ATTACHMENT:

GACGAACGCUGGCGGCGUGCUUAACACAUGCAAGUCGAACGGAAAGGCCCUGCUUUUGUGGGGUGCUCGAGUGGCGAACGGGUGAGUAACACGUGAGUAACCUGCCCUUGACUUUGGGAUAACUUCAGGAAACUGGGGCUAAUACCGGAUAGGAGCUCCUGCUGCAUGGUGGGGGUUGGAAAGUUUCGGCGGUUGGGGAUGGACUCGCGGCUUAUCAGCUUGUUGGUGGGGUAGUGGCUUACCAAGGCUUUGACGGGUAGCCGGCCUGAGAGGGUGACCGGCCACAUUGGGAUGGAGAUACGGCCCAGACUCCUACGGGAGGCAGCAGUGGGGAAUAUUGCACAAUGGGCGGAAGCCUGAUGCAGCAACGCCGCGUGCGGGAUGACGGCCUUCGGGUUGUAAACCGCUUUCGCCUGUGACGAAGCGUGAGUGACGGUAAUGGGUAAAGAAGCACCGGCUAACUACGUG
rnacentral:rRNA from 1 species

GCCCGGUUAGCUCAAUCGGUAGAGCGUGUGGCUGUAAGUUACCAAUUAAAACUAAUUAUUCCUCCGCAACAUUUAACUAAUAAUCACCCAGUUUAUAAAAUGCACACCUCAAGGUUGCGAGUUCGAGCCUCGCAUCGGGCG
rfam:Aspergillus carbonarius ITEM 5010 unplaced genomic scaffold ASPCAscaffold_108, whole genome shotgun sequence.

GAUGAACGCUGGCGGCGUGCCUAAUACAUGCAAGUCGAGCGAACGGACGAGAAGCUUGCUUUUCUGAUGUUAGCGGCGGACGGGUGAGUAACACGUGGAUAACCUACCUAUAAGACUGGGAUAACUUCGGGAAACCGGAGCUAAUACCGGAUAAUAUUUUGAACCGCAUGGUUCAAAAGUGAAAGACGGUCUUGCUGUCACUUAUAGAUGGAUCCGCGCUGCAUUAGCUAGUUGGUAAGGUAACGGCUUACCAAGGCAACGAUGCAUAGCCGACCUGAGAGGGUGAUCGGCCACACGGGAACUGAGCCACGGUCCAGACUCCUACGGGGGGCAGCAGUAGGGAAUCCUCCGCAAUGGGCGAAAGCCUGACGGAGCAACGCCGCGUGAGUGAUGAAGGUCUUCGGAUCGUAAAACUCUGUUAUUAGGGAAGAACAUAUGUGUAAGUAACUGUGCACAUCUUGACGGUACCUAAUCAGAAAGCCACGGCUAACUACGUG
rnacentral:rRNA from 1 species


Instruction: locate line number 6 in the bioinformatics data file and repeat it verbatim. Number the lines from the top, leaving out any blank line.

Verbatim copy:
rnacentral:rRNA from 1 species